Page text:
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UK’s first ‘social supermarket’ opens its doors



Britain’s first “social supermarket” opened its doors on Monday hoping to tackle food poverty, just days after a food poverty charity announced it has helped more than half a million people since April.

The Community Shop in Goldthorpe, Barnsley, let in its first customers on Monday morning, allowing shoppers to buy quality goods at around 70% the normal price. This is the first store anywhere in the UK that has membership criteria, matching those on in and out of work benefits with affordable food.

The store also has a community hub, where customers can be given advice about debt, cookery lessons and other services to help them get off the poverty line.

Sarah Dunwell, director of environmental and social affairs at Community Shop said, “With many families facing tough times in Barnsley, Company Shop wanted to do more to match surplus stock with people who really need it.   So I was delighted to join the team to help develop and deliver the UKs first social supermarket.”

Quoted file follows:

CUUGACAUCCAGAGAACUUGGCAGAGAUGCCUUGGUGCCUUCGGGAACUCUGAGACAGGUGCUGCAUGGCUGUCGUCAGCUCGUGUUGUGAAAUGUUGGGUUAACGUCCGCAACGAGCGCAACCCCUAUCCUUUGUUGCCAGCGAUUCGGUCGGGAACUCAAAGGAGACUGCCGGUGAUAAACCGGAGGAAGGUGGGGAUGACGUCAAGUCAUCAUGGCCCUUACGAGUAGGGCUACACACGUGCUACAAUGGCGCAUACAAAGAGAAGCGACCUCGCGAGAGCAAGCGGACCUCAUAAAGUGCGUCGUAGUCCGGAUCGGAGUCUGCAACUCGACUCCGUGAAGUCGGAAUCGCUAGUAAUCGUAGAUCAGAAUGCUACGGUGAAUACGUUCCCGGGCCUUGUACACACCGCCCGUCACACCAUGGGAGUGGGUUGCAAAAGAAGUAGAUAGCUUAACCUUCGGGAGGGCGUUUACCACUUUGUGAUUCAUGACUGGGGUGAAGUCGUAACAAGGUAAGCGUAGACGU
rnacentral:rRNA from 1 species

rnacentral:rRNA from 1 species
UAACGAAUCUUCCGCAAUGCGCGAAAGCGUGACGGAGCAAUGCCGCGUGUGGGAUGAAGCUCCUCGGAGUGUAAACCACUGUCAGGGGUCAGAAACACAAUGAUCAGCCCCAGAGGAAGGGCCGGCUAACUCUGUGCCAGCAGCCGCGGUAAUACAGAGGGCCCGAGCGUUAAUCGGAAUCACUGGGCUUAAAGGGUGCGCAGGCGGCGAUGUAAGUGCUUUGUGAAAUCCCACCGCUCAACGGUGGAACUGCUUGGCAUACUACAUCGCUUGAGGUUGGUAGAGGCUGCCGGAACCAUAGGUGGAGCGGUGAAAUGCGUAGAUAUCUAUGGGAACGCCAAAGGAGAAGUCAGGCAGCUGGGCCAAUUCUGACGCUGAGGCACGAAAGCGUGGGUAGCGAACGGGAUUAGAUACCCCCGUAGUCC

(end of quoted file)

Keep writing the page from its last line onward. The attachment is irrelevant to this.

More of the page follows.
She told Blue & Green Tomorrow that items with packaging faults, from retailers such as Morrisons, Marks & Spencer and Waitrose, are saved from landfill and bought by the store.

If successful, Dunwell said the pilot will be rolled out across the UK with 20 stores planned to open next year, including six in London.

She added, “Industry surplus is hard to avoid, but what Community Shop shows is that if we all work together we can make sure that surplus food delivers lasting social good.”

Food poverty charity the Trussell Trust announced last week that it has handed out emergency food parcels to more than half a million people across the UK since April, and predicts that almost half of these are working families.

Further reading:

Prince Charles praises sustainable food and calls for polluters to pay

Poorest facing ‘toughest ever winter’, says food poverty charity

Citizens Advice reports 78% increase in food bank enquiries

Why food banks are necessary in modern society

Michael Gove food bank comments ‘a smack in the face’ to struggling families


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